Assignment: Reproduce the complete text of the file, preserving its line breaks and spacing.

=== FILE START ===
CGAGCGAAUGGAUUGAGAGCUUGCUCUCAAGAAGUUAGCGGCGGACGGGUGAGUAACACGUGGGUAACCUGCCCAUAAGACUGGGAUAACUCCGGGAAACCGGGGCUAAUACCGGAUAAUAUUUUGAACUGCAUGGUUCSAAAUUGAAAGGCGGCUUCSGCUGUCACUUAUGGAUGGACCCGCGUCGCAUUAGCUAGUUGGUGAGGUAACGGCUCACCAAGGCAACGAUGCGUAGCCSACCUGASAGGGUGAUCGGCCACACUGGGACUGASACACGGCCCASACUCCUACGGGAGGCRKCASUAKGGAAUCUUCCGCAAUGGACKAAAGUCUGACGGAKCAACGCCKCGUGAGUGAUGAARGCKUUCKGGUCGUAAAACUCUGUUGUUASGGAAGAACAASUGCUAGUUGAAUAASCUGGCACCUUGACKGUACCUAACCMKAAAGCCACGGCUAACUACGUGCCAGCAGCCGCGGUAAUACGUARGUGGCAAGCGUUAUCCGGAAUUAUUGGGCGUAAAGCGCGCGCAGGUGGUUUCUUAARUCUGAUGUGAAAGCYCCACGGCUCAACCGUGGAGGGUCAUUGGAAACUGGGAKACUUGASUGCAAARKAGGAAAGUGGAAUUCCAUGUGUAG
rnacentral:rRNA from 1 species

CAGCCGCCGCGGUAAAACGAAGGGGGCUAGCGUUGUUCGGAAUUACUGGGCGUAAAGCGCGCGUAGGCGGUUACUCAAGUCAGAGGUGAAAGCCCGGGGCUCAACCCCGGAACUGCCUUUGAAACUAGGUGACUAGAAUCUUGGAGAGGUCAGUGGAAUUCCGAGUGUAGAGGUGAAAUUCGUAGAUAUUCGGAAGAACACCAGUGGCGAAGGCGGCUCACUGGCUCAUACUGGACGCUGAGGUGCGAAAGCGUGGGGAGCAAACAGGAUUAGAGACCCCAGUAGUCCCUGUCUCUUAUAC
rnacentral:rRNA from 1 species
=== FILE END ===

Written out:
CGAGCGAAUGGAUUGAGAGCUUGCUCUCAAGAAGUUAGCGGCGGACGGGUGAGUAACACGUGGGUAACCUGCCCAUAAGACUGGGAUAACUCCGGGAAACCGGGGCUAAUACCGGAUAAUAUUUUGAACUGCAUGGUUCSAAAUUGAAAGGCGGCUUCSGCUGUCACUUAUGGAUGGACCCGCGUCGCAUUAGCUAGUUGGUGAGGUAACGGCUCACCAAGGCAACGAUGCGUAGCCSACCUGASAGGGUGAUCGGCCACACUGGGACUGASACACGGCCCASACUCCUACGGGAGGCRKCASUAKGGAAUCUUCCGCAAUGGACKAAAGUCUGACGGAKCAACGCCKCGUGAGUGAUGAARGCKUUCKGGUCGUAAAACUCUGUUGUUASGGAAGAACAASUGCUAGUUGAAUAASCUGGCACCUUGACKGUACCUAACCMKAAAGCCACGGCUAACUACGUGCCAGCAGCCGCGGUAAUACGUARGUGGCAAGCGUUAUCCGGAAUUAUUGGGCGUAAAGCGCGCGCAGGUGGUUUCUUAARUCUGAUGUGAAAGCYCCACGGCUCAACCGUGGAGGGUCAUUGGAAACUGGGAKACUUGASUGCAAARKAGGAAAGUGGAAUUCCAUGUGUAG
rnacentral:rRNA from 1 species

CAGCCGCCGCGGUAAAACGAAGGGGGCUAGCGUUGUUCGGAAUUACUGGGCGUAAAGCGCGCGUAGGCGGUUACUCAAGUCAGAGGUGAAAGCCCGGGGCUCAACCCCGGAACUGCCUUUGAAACUAGGUGACUAGAAUCUUGGAGAGGUCAGUGGAAUUCCGAGUGUAGAGGUGAAAUUCGUAGAUAUUCGGAAGAACACCAGUGGCGAAGGCGGCUCACUGGCUCAUACUGGACGCUGAGGUGCGAAAGCGUGGGGAGCAAACAGGAUUAGAGACCCCAGUAGUCCCUGUCUCUUAUAC
rnacentral:rRNA from 1 species